Few weeks after the coronavirus outbreak, different countries have employed measures to ensure the virus does not spread into their borders.
From rerouting flights from China to strict health checks and warnings, all is being done to contain the deadly virus.
The Democratic Republic of Congo for instance, has become one of the latest so far to impose a travel ban, ensuring the virus is not brought in by travelling Chinese. Other African states including Nigeria, Uganda and Ethiopia have also been taking preventive measures at their own levels.
In Cameroon, which is the leading nation in the Central African Economic sub region one would expect to see similar measures but that has not been the case.
Days back, Public Health Minister, Manaouda Malachie returned to Yaounde from the North where he was engaged in campaigns ahead of the elections, to grant a press conference.
Among other issues on the session’s agenda, the minister prescribed the need for vigilance as key measure to avoid witnessing any possible cases.
Unlike many had expected however, Minster Manaouda failed to declare any other concrete measures put in place as a proactive effort, a lapse that has been criticised by many.
“What about our Cameroonian government, what have they to say? … Our leaders are busy caring about municipal and legislative elections without taking this into consideration” a social media user writes.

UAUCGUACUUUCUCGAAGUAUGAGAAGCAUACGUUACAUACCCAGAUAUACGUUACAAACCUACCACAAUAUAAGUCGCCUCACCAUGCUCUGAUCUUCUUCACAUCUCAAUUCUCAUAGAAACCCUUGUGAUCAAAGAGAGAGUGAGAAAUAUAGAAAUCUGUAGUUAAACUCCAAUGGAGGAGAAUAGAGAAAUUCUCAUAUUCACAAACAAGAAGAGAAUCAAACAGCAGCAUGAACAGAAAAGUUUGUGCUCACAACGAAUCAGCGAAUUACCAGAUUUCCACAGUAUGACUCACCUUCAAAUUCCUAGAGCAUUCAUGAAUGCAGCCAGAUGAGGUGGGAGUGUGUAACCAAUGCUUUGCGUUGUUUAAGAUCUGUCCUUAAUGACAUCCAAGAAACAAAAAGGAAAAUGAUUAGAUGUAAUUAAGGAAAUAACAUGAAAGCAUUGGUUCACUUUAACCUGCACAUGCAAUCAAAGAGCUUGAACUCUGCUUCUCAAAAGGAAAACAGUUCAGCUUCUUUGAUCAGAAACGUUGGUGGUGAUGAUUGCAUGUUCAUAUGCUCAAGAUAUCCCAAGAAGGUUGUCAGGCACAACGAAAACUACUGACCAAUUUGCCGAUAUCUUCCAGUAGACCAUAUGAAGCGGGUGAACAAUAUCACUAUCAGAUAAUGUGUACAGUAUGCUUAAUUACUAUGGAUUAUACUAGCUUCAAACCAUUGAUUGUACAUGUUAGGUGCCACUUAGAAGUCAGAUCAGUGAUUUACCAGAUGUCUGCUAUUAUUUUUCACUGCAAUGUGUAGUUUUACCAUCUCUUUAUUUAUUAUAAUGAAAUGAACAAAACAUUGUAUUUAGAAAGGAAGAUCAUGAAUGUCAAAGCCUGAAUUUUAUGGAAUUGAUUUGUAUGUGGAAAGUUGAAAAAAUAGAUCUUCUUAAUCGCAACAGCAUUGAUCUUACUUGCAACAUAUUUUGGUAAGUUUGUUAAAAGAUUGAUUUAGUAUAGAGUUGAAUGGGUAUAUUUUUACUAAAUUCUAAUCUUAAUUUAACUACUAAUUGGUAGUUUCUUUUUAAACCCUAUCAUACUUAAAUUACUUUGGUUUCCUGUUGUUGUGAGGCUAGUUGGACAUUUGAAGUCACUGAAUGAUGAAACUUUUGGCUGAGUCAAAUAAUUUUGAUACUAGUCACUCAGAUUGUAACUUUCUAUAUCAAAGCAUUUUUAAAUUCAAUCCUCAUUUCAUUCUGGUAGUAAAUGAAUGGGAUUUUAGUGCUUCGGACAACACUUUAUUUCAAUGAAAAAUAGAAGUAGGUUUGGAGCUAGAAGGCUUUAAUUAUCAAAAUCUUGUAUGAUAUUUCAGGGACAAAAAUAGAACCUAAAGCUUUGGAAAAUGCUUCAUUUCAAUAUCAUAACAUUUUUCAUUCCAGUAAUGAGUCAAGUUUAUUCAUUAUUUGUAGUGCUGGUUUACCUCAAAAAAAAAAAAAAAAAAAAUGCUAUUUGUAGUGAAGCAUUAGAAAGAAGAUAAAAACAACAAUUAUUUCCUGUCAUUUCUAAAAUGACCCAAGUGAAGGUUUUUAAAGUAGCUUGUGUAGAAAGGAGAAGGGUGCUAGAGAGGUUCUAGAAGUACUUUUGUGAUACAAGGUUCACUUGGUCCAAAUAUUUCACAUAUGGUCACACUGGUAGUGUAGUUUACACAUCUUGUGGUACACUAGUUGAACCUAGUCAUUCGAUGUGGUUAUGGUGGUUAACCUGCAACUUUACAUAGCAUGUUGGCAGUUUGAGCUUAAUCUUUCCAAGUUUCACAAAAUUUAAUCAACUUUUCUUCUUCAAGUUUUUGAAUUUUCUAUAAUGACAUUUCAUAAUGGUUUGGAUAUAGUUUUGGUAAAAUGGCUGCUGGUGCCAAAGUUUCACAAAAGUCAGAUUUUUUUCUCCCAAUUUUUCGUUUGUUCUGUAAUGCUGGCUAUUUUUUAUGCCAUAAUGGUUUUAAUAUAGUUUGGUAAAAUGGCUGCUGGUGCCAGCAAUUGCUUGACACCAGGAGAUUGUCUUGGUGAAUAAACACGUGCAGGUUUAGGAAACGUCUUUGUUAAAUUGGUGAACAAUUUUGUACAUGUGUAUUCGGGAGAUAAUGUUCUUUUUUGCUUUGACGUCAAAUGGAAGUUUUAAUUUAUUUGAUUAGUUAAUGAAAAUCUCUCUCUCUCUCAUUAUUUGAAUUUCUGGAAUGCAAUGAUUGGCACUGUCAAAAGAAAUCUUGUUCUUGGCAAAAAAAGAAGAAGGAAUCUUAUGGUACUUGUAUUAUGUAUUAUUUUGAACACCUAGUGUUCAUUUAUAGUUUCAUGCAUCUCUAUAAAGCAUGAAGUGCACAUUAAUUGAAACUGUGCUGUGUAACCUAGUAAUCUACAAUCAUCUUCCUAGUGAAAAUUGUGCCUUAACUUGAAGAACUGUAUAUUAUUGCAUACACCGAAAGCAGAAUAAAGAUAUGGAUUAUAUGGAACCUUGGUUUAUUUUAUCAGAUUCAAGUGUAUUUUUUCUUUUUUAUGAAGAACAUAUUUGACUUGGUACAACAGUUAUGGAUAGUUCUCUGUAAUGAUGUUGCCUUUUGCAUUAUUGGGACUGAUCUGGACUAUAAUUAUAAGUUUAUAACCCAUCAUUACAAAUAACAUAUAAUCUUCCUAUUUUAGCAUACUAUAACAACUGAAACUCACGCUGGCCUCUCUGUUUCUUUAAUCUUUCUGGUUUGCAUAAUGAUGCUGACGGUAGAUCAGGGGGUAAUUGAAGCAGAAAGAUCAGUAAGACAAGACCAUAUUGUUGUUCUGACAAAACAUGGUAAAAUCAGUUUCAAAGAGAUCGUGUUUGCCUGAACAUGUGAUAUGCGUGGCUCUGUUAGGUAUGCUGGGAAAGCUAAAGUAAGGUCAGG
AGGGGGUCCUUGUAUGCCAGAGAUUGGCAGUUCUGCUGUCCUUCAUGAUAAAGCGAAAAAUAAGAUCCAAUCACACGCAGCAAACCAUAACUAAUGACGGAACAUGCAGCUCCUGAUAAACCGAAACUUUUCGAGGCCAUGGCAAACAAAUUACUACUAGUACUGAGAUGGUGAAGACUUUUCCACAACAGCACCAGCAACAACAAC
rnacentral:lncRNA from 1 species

Much like their counterparts based in Wuhan in China where the coronavirus originated, Cameroonians back home say they feel neglected and left to chance. While basic sanitation aspects are still being neglected in hospitals, schools and other places, government they say has failed to restrict or control entry of foreigners especially those coming in from China to whom Cameroon is a major business partner in the continent.
With several Chinese returning from their holidays abroad, some say government inaction provides a safe pathway for the potential spread of the lethal virus.
Over the past days, politicians, law makers and government officials have been seen crisscrossing the national territory seeking votes ahead of Sunday’s polls, giving the impression of them wanting to hold on to power without first having the masses at heart.
If no action is taken, a possible case if the coronavirus on Cameroon soil will likely prove more lethal than the selfishness of politicians witnessed in the past years.